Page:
And is modern education right to emphasize 'telling' if it does at all?

This only ever works if the groundwork for self-teaching pre-exists in the student(s), otherwise it's only an exercise in rote/regurgitation. I think we have all seen the results of this when it hasn't worked.
 impohell
Joined: 1/7/2010
Msg: 6
Teaching and its pedagogy
Posted: 1/19/2010 4:19:34 PM
Asking is good. Ask and then once their native curiosity has been alerted, feed resources to the questing mind. People tend to learn better when they actually want to learn.

In educamation warehouses, which are there to give your kids someplace to not burn down your house while you're at work, the industrialized version of teaching is a failed production process with no quality control and very low yield. The few minds that survive that ordeal and wind up in higher edukation might still be curious and not just chasing the credential powered incomes promised them by corporate and guvmint wage slots. By then the adult student should be used to managing their own education and so will use teachers as best they can. People learn better this way or that but at the heart of it the student must want to know. The mind has to be hungry or it will just barf when force fed.
 scorpiomover
Joined: 4/19/2007
Msg: 7
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History
Teaching and its pedagogy
Posted: 1/19/2010 5:28:27 PM
When I was in school, in my second year of secondary school, I got a maths teacher who made us learn how to do everything from scratch. He even taught us how to do calculus from scratch. He'd give us 3 or 4 examples on each point. Then he'd give us 20 different questions for homework, on each point covered. Then he'd go over every question in the homework that even one of us didn't understand. If one of us still didn't get it, he'd go over it again and again, until we all got it. There was one question in the homework that one student didn't get, and he made us keep going over it for 3 whole days, until the student got it.

In the beginning of the year, I thought we'd go a lot slower than everyone else. By the end, we completed the entire syllabus of maths and advanced maths, and far more besides, in 3/4 of the time allotted. We then spent the rest of the time doing past exams. We'd done 20 exams for maths and 20 exams for advanced maths. We'd done so many past papers, and done so many different questions, that by the time we walked into the exam room, taking the exam was just like doing more homework. We ALL got As for maths, and As for advanced maths.

When it came to doing our A-levels, he did the same thing all over again, except that for A-levels, he gave us the option of choosing whether or not to do the homework and exams for ourselves. Only one person didn't do all the homework and exams. He got an A for maths and a C for advanced maths. Everyone else, who did all the homework and all the exams, got As both times.

I learned many things from him. One thing was that if you want kids to pass exams for sure, the best way is to teach them how to do it for themselves, and then make them do so many examples for homework that it becomes second nature.
 andso.itgoes
Joined: 11/1/2009
Msg: 8
Teaching and its pedagogy
Posted: 1/19/2010 6:00:12 PM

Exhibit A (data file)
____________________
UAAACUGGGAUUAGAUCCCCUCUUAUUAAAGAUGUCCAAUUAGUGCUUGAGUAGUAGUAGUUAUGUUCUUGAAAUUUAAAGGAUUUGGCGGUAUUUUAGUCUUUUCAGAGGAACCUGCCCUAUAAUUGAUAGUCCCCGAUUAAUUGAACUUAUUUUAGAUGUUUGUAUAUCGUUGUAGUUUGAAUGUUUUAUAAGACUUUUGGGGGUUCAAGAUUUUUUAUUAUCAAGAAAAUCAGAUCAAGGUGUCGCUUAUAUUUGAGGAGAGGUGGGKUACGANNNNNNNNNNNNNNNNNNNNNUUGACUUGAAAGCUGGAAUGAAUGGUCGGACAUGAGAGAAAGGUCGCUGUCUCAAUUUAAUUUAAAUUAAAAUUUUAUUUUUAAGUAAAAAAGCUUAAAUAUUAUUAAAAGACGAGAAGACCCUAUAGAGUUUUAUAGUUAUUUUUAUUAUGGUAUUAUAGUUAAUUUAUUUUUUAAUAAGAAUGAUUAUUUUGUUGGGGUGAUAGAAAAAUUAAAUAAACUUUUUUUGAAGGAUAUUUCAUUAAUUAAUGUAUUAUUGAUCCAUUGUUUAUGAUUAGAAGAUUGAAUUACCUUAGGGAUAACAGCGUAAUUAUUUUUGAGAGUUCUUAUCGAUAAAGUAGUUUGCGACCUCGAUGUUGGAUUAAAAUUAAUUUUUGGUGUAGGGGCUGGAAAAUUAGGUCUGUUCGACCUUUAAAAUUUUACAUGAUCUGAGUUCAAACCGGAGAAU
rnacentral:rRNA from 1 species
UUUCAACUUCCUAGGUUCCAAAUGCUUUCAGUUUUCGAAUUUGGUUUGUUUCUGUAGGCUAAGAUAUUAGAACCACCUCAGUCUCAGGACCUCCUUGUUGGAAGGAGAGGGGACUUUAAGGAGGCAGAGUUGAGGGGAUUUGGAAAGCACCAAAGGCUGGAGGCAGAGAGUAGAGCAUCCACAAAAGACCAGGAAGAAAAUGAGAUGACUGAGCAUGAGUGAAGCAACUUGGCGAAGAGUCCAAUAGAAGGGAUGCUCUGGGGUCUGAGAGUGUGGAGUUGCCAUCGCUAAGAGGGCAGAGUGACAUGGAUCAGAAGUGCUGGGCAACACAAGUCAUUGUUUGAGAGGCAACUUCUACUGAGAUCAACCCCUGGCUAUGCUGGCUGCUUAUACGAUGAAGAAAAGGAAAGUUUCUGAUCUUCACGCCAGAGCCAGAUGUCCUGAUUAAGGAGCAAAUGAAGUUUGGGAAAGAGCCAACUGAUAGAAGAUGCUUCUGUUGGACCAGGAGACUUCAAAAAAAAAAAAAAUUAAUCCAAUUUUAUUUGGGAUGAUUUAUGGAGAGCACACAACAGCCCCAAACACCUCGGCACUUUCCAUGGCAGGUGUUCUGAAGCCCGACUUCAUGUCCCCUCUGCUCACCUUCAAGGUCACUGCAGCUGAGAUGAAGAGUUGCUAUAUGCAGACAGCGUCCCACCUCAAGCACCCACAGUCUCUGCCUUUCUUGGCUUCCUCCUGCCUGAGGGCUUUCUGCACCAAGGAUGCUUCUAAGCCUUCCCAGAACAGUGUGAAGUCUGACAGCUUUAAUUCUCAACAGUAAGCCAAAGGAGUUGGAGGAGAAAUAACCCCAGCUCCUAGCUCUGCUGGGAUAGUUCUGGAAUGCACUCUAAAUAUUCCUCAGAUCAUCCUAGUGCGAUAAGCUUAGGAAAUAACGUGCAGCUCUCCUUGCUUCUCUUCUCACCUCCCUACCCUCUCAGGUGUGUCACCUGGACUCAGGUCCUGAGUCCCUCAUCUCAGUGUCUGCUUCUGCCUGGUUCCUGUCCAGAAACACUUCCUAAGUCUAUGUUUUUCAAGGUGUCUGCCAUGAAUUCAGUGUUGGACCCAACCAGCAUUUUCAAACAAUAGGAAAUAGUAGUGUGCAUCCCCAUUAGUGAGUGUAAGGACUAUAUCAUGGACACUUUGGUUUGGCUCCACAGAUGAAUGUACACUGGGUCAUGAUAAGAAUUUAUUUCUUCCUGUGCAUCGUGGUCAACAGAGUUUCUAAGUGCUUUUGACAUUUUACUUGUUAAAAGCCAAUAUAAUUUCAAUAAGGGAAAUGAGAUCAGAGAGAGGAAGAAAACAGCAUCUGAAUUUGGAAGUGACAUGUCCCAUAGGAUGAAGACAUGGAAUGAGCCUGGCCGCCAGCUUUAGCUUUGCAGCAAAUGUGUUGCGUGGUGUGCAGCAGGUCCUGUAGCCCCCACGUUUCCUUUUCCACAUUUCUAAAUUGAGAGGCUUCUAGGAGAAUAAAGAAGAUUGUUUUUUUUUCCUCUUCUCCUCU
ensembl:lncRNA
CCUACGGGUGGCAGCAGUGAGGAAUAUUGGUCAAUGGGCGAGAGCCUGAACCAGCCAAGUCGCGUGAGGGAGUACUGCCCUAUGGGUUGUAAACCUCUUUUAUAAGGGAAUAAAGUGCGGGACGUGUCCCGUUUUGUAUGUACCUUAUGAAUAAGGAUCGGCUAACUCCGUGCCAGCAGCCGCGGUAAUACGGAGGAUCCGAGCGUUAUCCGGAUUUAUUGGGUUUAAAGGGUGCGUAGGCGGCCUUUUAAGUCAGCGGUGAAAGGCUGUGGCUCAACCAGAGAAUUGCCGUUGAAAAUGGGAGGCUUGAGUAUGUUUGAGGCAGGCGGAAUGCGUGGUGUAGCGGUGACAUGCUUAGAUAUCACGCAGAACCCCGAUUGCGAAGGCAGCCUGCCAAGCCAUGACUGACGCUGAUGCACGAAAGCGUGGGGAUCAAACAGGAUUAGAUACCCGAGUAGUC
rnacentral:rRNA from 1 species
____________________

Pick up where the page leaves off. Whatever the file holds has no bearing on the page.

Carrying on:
Yup, I gotta say different methods have their place and time. Right now, I'm dealing with a 4th grader who isn't asking to know his math facts, but by God if he wants to see the light of day tomorrow he will work on his math facts today. This parent will not accept the attitudes of "I don't hafta, wanna, or can't."
In a perfect world every student would desire to know every thing they will need to know in life. But they all don't. If all we can do for today is memorize some facts, then we do that. I don't ask him when he would like to brush his teeth either because I know what his answer would be. Education is a privilege, a responsibility, a pleasure, nirvana, or a living hell. It depends on what you make of it. You get a crappy teacher -too bad, so sad - get what you can out of the situation or improve the sitution. Parents absolutely have as much or more responsibility in this as kids and teachers. Only when all three do their part will our schools become the stellar institutions we all want them to be.
 bluezoot_riot
Joined: 5/21/2007
Msg: 9
Teaching and its pedagogy
Posted: 1/19/2010 8:02:10 PM
Interesting stories in here fo' sho.

I guess the question on every educators minds is how to get kids to want to learn, if you can do that, there might even be a place for "rote" learning--some kids may prefer it, and it even may make sense in classes like history.
 Super_Eve
Joined: 10/23/2008
Msg: 11
Teaching and its pedagogy
Posted: 1/20/2010 9:31:31 AM
The city that I live in, has a very unique approach to education...charter, public, and magnet schools alike, all specialize in a certain area of subject, i.e. art, math & science, etc., and a child may to any school they choose. So school "assignment", is very loose here.

I think, that it is in the "how", we learn, which can be ascertained through a multiple intelligence test. I am not a fact retainer. If you tell me something, I will most likely forget it, five minutes later. But I am shown, the application of such fact, or can reason it out, then I am more likely to retain it...I don't think I am unique. I think most people learn best, kinesthetically...it is isn't just knowledge that should be imparted, but the understanding and application of such...jmho...
 monalee1
Joined: 10/22/2007
Msg: 12
Teaching and its pedagogy
Posted: 1/20/2010 8:57:18 PM
hi... this is a rant...
in regard to young students we have to teach young kids by showing them, by telling them why and by having them try it for themselves.. what is missing today is ensuring that all students get it, as in the case of scorpios math teacher... many kids do not have the confidence to ask questions, to get help and so the students who miss the mark on the first go remain lost.. the teachers no longer have the luxury of following through with EACH student in their class ... the students feel constant failure... after enough yrs of thinking that they can not do it, they do not.. they fail but really the system fails them... add to that home and world stress, unavailable parents or parents who can not help them with understanding ...imho only a small percentage of over achiever type students can keep up with the curriculum in Ont schools, a fair amount could with old tried and true methods of the past but the system seems to create these huge cracks then it marvels when students fall like flies... all kids can learn when the focus is more individualized .. this approach nurtures the desire and confidence to learn....... blessings